Fukuoka - Samoa appealed to the Rugby World Cup's judiciary not to suspend Ireland centre Bundee Aki after he was sent off for a dangerous tackle in their final pool match on Saturday.
Ireland, despite being down to 14 men for more than 50 minutes, scored seven tries in a 47-5 bonus-point victory in Fukuoka which confirmed their place in the quarter-finals.
But as Ireland head towards their first knock-out match, either against New Zealand or South Africa, Aki's involvement is in doubt after he was handed the seventh red card of the tournament.
A three-week suspension has been the standard punishment so far at the World Cup, where referees are cracking down on high tackles in an attempt to minimise concussions.
Aki, who is of Samoan descent, was sent off in the 28th minute for a shoulder into the face of Samoa flyhalf Ulupano Seuteni. But the Samoans believe the high shot was accidental.
"I've known Bundee for a long time and know what a great man he is, he's got a great character and he doesn't go out there to do that to anybody," Samoa coach Steve Jackson said, adding it appeared to be "the toss of a coin" how referees ruled on head blows at the World Cup.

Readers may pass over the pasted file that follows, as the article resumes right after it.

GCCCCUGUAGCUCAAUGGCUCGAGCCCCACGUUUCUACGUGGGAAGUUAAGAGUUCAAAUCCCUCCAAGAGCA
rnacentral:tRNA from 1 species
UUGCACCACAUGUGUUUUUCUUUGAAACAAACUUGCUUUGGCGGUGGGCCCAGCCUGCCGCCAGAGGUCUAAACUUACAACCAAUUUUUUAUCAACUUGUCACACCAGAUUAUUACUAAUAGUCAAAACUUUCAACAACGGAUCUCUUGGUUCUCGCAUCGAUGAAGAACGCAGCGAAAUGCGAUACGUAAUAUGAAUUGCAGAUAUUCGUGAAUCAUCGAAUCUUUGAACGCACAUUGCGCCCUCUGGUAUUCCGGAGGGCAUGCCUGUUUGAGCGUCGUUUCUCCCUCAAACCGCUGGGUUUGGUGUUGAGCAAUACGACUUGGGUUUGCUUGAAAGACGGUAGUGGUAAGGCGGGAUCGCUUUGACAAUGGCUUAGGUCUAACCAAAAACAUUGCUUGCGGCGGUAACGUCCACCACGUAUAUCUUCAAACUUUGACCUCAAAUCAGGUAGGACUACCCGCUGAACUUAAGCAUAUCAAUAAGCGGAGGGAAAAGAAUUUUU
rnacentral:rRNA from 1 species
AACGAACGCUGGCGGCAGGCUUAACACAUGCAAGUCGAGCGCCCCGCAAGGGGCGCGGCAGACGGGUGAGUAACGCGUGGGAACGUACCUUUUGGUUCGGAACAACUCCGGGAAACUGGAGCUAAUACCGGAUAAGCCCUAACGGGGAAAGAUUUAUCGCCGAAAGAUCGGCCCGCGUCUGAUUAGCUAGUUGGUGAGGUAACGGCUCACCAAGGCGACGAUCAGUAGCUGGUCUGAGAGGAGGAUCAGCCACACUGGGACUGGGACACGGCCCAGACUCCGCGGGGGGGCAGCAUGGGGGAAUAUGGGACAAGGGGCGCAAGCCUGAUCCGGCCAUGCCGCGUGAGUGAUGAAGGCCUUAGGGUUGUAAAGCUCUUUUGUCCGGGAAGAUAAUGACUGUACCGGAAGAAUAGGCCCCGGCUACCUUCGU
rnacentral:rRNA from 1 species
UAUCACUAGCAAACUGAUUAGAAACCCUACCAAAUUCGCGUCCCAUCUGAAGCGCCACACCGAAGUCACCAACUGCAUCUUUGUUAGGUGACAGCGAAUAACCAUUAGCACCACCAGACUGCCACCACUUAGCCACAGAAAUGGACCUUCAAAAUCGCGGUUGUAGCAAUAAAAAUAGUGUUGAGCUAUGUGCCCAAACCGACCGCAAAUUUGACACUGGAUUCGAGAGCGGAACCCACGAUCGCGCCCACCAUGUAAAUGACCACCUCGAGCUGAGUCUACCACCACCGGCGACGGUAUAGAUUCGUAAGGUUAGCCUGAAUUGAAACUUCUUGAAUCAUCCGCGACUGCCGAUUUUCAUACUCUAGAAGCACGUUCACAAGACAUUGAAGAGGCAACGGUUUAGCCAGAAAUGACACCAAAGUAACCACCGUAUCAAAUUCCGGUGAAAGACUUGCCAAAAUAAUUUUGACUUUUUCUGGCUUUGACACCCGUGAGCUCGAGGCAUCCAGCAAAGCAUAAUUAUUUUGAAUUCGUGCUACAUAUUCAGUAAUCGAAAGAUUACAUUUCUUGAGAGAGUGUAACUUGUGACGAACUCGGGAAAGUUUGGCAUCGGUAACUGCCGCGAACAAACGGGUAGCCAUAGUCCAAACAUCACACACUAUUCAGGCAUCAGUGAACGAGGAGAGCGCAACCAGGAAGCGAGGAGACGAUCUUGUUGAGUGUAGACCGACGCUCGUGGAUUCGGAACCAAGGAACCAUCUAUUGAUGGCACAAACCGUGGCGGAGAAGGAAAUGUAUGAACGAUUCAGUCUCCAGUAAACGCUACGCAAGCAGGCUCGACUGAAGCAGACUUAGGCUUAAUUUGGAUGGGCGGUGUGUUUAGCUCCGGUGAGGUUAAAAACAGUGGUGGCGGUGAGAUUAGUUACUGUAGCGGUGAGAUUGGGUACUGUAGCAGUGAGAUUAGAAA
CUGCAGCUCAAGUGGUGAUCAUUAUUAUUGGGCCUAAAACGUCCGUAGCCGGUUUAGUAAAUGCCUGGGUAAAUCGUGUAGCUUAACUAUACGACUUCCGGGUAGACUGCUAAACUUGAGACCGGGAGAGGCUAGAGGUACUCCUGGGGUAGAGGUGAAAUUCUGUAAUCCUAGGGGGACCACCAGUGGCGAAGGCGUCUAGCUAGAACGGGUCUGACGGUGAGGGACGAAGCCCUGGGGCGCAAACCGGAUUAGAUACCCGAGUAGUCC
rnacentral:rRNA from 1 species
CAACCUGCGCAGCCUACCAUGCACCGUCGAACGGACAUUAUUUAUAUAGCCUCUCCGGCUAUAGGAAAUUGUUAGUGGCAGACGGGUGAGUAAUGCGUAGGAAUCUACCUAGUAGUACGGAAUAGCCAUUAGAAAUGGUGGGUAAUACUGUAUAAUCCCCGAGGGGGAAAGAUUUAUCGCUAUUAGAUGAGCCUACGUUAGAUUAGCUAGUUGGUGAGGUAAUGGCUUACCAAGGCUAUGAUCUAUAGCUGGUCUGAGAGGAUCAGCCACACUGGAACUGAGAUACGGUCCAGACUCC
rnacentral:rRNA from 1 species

"Hopefully the powers that be see some sense and hopefully he gets to continue on in this tournament.
"We'll do everything we possibly can from a Samoan perspective to make sure he gets on that field next week."
Samoa captain Jack Lam, who spent a long time talking to Aki at the end of the match, said there were "no hard feelings and I hope it doesn't get ruined by him missing a couple of games".
Ireland coach Joe Schmidt, however, seemed resigned to losing his star centre.
"Any further participation in the tournament is now at risk... we know there is a very hard line," Schmidt said.
"It's a really tough situation. I think Bundee is upright, you can see both his hands behind the shoulder blades of the player who's just starting to come up and it's all split-second stuff.
"We live in hope and we'll see what the judiciary decide, but once it's a red card you sense a loss of control over what happens next no matter what you try to present."
Schmidt was, however, pleased with Ireland's performance coming off the back of a loss to Japan and an inconclusive victory over Russia.
"We were tactically relatively solid once we lost Bundee because it would have been hard to play with a huge amount of width.
"In the second half, it probably wasn't great to watch but it was comforting to know we were in the right part of the pitch and we went to a couple of strong points for us with the maul and the scrum and carried close.
"With a man down, that's the strong suit you're going to play."